#25: Taking notice of opinions

#25: Taking notice of opinions

An infringement to your private life is easily made by the authorities, especially in criminal cases. Whether it is a telephone tap or a house search, both qualify in principle as an infringement to your right to privacy. This can only be qualified as rightful when this interference is in accordance with the law. It has to have a legitimate aim and it has to be necessary in a democratic society. A lot of jurisprudence on these criteria has been produced over the years. Two years ago we addressed this topic in Lawlunch #01. A fairly recent case – Dragos Ioan Rusu v. Romania – gives reason to address this topic again, especially the relationship between the right to privacy of article 8 of the European Convention for Human Rights (ECHR) and the right to a fair trial of article 6 (1) ECHR.


#15: Fundamental rights are not always stretched to fit the purpose

Procedural errors are the thorn in the side of lawyers. At least, the (lack of) consequences of such errors. In Lawlunch #02 we explained how the system for compensation due to procedural errors works in the Dutch criminal law. Case law shows that it is an uphill battle to get procedural errors acknowledged and to receive compensation for these errors the government made during investigation. In tax law other criteria are applicable when it comes to procedural errors. These criteria and the interpretation by the courts are very refreshing.READ MORE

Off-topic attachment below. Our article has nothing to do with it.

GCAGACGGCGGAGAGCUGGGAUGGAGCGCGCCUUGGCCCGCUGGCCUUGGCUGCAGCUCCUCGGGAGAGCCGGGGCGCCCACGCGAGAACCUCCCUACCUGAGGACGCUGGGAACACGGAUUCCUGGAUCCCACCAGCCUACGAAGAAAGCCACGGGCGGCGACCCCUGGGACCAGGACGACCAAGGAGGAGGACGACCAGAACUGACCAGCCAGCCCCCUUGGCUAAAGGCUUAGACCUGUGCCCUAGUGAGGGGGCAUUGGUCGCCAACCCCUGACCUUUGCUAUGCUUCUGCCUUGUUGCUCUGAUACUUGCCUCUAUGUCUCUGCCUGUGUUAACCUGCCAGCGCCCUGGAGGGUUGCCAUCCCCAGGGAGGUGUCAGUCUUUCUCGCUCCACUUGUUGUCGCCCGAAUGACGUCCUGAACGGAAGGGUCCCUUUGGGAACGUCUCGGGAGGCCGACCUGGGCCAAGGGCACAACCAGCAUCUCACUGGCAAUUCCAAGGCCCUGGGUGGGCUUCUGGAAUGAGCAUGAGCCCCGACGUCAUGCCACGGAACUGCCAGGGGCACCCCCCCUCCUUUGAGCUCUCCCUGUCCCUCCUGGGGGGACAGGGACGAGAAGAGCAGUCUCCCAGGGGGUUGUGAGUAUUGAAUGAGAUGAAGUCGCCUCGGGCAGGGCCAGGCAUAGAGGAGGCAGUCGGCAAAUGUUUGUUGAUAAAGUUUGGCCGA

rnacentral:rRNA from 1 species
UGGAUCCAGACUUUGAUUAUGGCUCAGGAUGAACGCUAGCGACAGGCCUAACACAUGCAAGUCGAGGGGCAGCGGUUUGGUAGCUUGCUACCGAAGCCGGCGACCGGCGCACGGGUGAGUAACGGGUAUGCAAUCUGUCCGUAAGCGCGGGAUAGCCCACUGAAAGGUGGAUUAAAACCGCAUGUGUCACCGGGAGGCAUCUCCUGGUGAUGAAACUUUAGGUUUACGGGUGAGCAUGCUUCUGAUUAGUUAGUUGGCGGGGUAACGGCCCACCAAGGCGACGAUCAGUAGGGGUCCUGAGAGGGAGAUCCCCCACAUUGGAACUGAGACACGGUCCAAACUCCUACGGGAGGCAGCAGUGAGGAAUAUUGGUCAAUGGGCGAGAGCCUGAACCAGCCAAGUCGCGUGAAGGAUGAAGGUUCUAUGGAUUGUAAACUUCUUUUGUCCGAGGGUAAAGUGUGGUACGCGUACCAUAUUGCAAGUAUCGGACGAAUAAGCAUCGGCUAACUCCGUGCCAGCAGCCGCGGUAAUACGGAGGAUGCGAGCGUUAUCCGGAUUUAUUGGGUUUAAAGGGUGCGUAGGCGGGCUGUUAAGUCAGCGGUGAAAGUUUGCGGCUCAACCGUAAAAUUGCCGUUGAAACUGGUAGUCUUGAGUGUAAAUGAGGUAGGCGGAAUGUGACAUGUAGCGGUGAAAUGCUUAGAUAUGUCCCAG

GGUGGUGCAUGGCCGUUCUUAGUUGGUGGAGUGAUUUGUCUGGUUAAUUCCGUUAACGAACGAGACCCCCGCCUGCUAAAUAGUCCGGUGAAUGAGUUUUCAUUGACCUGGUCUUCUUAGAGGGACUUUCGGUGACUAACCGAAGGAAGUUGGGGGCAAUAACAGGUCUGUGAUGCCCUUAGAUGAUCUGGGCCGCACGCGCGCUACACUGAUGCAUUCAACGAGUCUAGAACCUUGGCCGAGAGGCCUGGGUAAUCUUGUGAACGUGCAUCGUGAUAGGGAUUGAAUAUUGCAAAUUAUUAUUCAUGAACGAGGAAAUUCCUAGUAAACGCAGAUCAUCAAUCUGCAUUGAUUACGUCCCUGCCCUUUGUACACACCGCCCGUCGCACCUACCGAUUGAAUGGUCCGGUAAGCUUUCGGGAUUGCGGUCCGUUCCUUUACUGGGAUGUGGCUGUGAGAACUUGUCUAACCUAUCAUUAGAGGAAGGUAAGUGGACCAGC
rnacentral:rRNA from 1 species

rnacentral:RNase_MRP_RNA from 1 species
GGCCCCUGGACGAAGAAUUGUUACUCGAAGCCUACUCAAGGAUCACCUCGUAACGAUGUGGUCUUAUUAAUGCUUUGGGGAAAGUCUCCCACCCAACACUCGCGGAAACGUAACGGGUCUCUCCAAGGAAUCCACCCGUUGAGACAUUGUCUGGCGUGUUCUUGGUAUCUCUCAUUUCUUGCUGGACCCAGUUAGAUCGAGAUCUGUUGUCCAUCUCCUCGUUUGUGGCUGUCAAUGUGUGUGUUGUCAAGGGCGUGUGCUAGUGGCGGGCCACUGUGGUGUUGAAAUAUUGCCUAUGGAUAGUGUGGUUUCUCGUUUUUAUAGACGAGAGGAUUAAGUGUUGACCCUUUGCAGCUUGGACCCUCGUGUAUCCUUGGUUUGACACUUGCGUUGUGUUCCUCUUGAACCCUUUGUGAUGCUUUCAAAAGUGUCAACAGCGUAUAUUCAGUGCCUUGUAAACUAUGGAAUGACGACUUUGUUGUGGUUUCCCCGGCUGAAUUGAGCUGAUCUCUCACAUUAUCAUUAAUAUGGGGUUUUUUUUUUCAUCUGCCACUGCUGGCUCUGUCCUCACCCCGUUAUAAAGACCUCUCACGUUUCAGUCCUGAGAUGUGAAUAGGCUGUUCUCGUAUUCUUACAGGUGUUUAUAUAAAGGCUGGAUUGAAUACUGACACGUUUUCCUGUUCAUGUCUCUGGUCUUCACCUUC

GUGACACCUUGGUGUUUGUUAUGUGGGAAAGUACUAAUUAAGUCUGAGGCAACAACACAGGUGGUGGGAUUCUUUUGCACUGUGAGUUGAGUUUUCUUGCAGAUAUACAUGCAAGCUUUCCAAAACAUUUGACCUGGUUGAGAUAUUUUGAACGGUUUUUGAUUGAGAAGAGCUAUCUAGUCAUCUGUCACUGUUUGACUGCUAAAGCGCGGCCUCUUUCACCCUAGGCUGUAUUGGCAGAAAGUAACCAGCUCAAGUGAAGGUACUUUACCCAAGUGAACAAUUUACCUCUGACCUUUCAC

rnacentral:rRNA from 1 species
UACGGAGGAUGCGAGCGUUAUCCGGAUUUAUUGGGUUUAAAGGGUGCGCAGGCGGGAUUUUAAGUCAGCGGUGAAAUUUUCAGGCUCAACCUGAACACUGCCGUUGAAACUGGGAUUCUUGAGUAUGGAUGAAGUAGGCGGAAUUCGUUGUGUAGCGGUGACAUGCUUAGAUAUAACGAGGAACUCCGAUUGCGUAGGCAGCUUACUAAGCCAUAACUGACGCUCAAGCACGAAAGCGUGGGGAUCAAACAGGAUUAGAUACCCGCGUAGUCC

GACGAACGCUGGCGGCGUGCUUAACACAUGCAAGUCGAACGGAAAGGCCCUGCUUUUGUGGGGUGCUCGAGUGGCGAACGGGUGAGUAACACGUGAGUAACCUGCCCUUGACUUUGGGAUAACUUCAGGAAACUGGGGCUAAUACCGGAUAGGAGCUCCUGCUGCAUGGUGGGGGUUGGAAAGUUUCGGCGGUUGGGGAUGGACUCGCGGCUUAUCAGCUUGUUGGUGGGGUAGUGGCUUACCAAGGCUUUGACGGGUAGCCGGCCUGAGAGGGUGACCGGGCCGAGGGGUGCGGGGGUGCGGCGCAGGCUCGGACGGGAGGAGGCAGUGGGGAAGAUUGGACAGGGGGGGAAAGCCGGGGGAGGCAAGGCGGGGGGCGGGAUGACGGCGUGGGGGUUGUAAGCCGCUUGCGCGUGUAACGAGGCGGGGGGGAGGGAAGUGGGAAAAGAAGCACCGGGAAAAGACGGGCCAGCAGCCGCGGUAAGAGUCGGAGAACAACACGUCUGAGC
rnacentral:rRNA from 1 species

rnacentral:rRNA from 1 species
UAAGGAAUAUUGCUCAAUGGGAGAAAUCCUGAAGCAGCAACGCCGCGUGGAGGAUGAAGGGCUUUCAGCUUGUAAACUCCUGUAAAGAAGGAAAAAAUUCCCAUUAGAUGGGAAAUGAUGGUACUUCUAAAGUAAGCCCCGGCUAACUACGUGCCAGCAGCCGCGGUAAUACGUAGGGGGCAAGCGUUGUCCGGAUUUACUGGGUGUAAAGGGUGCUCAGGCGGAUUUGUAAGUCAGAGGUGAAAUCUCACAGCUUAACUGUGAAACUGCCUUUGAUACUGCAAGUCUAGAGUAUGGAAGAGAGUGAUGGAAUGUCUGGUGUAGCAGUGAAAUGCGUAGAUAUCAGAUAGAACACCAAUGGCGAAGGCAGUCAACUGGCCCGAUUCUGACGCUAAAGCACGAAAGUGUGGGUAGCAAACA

#11: When may your smartphone be investigated?

Privacy is a hot topic these days now that everywhere around us data is being collected. Our tablets and smartphones contain a lot of information about our private lives. Not only all your contacts are accessible, also the communication with these contacts is saved. Your smartphone nowadays even knows how many steps you have taken today and where. It is not hard to imagine how much valuable information a smartphone contains for investigative departments of the police. The question is when these data carriers may be seized by the authorities? And when may the data be investigated on your phone? In the Netherlands a discussion exists on the question whether police officers may seize a smartphone upon arrest and search through the data. We would like to share this discussion with you.READ MORE